Fewer than 90 per cent of care home staff have been vaccinated in some boroughs of Greater Manchester, meaning they could lose their jobs by next month.
Overall, 92.54 per cent of workers in care homes across Greater Manchester have received their first dose of the Covid vaccine as of Thursday (30 September).
However, more than 1,500 members of staff are still completely unvaccinated, leaving hundreds at risk of losing their jobs when new rules come into force.
Care home workers in England must have had their first dose by 16 September and must be double-jabbed by 11 November to continue working in the sector.
But there are some exemptions which will apply to some care home staff.
The highest uptake of the vaccine among care home workers is in Rochdale, where nearly 96 per cent have had their first dose, while in Wigan the rate is 95.1 per cent.
Between 93 and 95 per cent of care home staff in Tameside, Bolton, Oldham and Bury have been jabbed, while Trafford and Stockport's rate is around 90 per cent.
The lowest rate of vaccination among care home staff is in Manchester where 89.3 per cent have had their first dose, followed by Salford where uptake is 89.7 per cent.
Steve Dixon, who is chief accountable officer at Salford clinical commissioning group (CCG), said authorities across Greater Manchester have been working with care homes to encourage their staff to take the coronavirus vaccine.
He told the CCG governing body that rates have improved in recent weeks – but he highlighted the risk that some staff will soon be leaving the care sector.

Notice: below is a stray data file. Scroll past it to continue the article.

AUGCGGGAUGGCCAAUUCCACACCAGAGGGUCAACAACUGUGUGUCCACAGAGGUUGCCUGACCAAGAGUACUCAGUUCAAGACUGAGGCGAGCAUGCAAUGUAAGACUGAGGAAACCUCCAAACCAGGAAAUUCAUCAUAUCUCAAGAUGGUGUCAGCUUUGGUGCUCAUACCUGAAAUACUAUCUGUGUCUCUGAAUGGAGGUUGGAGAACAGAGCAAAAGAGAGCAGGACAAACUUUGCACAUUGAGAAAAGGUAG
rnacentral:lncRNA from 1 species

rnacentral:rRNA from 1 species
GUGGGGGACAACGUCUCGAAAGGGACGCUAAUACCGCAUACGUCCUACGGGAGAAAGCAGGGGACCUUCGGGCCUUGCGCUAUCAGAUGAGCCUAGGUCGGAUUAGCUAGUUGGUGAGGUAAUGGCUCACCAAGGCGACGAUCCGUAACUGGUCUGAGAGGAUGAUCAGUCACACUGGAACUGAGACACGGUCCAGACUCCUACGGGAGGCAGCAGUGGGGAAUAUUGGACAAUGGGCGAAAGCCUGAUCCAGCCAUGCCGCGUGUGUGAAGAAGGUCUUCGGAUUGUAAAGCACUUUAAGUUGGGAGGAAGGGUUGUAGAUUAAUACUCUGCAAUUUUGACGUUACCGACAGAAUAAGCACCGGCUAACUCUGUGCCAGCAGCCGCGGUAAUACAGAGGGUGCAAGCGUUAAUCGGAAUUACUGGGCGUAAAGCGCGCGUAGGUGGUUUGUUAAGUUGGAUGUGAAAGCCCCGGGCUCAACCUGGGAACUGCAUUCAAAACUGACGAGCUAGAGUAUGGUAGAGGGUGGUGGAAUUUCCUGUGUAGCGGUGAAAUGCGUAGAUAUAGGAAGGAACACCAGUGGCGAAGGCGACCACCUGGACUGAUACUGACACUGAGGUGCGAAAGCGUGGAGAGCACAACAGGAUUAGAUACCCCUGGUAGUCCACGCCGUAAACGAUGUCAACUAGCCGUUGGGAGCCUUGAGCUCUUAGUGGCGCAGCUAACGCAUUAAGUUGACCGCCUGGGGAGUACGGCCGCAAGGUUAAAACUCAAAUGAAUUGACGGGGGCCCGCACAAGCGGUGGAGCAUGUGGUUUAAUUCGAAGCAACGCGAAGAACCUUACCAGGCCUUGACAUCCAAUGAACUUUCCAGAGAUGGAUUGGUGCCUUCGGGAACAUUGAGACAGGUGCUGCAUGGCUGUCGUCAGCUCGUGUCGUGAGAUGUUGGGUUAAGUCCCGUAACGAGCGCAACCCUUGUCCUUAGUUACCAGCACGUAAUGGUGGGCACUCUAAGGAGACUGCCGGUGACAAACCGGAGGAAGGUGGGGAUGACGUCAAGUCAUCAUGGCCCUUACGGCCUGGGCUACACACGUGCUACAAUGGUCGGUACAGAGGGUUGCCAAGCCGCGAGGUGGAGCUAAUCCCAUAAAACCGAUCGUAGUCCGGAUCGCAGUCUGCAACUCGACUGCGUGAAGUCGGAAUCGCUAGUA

Nevertheless, he said care homes have plans in place and will recruit staff.
He said: “Some of these staff could be working in catering or other parts of the care home. So it’s a little bit of a false number when we look at all these numbers of staff who haven’t been vaccinated. It is a smaller subset that will directly impact on the care given to people in the care home.”
However, Dixon said some care home staff are being attracted to jobs in hospitality and retail since the coronavirus restrictions have been lifted.
He said Salford council and CCG are committed to offering the Real Living Wage for care workers across the city – but this may still not be enough.
He spoke of ‘golden handshakes, incentives and bonus payments’ being offered to new staff by other organisations for signing up for the job.
Dixon told the governing body the public sector cannot compete with this.
He said: “The people working in this sector are probably the lowest paid people we’ve got working in public services and at the moment some of these staff have been attracted and recruited to other parts of the job market.”
The third phase of the vaccination programme, known as the ‘booster’ jabs, started two weeks ago with some people in priority groups already invited.
However, the third jab can only be administered six months after the second.
Everyone who is entitled to receive their first and second jabs, including school age children, can still be vaccinated in Salford as part of the ‘evergreen’ offer.
School nurses have started administering the vaccines for 12 to 15 year olds.